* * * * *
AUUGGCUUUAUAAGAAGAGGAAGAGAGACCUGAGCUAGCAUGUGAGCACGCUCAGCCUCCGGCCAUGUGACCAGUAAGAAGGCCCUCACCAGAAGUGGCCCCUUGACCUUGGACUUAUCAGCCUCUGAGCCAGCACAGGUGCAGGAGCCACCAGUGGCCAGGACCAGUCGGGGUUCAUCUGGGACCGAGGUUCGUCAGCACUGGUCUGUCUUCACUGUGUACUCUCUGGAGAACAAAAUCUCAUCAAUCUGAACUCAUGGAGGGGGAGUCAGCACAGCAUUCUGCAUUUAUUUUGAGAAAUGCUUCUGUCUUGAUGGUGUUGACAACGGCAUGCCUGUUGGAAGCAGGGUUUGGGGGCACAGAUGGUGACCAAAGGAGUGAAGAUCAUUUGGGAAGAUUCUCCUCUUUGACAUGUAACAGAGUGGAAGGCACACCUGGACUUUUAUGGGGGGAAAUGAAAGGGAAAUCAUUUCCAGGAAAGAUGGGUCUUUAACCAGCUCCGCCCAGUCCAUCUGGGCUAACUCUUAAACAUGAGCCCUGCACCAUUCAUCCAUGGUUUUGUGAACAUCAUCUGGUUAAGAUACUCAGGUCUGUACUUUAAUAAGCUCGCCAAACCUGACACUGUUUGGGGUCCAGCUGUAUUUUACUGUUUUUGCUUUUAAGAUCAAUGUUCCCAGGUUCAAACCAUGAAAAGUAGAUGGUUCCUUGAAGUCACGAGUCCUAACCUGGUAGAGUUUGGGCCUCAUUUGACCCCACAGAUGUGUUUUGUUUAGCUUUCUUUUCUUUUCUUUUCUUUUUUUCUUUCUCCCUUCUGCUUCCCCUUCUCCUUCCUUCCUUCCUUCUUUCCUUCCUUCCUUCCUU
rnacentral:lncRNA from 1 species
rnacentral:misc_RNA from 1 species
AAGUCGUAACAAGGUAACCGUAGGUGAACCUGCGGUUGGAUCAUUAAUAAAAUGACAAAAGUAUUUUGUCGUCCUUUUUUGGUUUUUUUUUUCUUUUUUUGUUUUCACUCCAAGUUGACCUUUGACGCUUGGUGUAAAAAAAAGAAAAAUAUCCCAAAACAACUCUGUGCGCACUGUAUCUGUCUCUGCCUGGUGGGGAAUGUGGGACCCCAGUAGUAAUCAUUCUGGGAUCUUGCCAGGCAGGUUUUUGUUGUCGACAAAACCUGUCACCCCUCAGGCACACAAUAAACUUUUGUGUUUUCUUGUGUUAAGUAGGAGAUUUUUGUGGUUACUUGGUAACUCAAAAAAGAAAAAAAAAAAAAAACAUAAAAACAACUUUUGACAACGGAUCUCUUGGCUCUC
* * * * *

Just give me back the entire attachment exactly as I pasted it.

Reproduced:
AUUGGCUUUAUAAGAAGAGGAAGAGAGACCUGAGCUAGCAUGUGAGCACGCUCAGCCUCCGGCCAUGUGACCAGUAAGAAGGCCCUCACCAGAAGUGGCCCCUUGACCUUGGACUUAUCAGCCUCUGAGCCAGCACAGGUGCAGGAGCCACCAGUGGCCAGGACCAGUCGGGGUUCAUCUGGGACCGAGGUUCGUCAGCACUGGUCUGUCUUCACUGUGUACUCUCUGGAGAACAAAAUCUCAUCAAUCUGAACUCAUGGAGGGGGAGUCAGCACAGCAUUCUGCAUUUAUUUUGAGAAAUGCUUCUGUCUUGAUGGUGUUGACAACGGCAUGCCUGUUGGAAGCAGGGUUUGGGGGCACAGAUGGUGACCAAAGGAGUGAAGAUCAUUUGGGAAGAUUCUCCUCUUUGACAUGUAACAGAGUGGAAGGCACACCUGGACUUUUAUGGGGGGAAAUGAAAGGGAAAUCAUUUCCAGGAAAGAUGGGUCUUUAACCAGCUCCGCCCAGUCCAUCUGGGCUAACUCUUAAACAUGAGCCCUGCACCAUUCAUCCAUGGUUUUGUGAACAUCAUCUGGUUAAGAUACUCAGGUCUGUACUUUAAUAAGCUCGCCAAACCUGACACUGUUUGGGGUCCAGCUGUAUUUUACUGUUUUUGCUUUUAAGAUCAAUGUUCCCAGGUUCAAACCAUGAAAAGUAGAUGGUUCCUUGAAGUCACGAGUCCUAACCUGGUAGAGUUUGGGCCUCAUUUGACCCCACAGAUGUGUUUUGUUUAGCUUUCUUUUCUUUUCUUUUCUUUUUUUCUUUCUCCCUUCUGCUUCCCCUUCUCCUUCCUUCCUUCCUUCUUUCCUUCCUUCCUUCCUU
rnacentral:lncRNA from 1 species
rnacentral:misc_RNA from 1 species
AAGUCGUAACAAGGUAACCGUAGGUGAACCUGCGGUUGGAUCAUUAAUAAAAUGACAAAAGUAUUUUGUCGUCCUUUUUUGGUUUUUUUUUUCUUUUUUUGUUUUCACUCCAAGUUGACCUUUGACGCUUGGUGUAAAAAAAAGAAAAAUAUCCCAAAACAACUCUGUGCGCACUGUAUCUGUCUCUGCCUGGUGGGGAAUGUGGGACCCCAGUAGUAAUCAUUCUGGGAUCUUGCCAGGCAGGUUUUUGUUGUCGACAAAACCUGUCACCCCUCAGGCACACAAUAAACUUUUGUGUUUUCUUGUGUUAAGUAGGAGAUUUUUGUGGUUACUUGGUAACUCAAAAAAGAAAAAAAAAAAAAAACAUAAAAACAACUUUUGACAACGGAUCUCUUGGCUCUC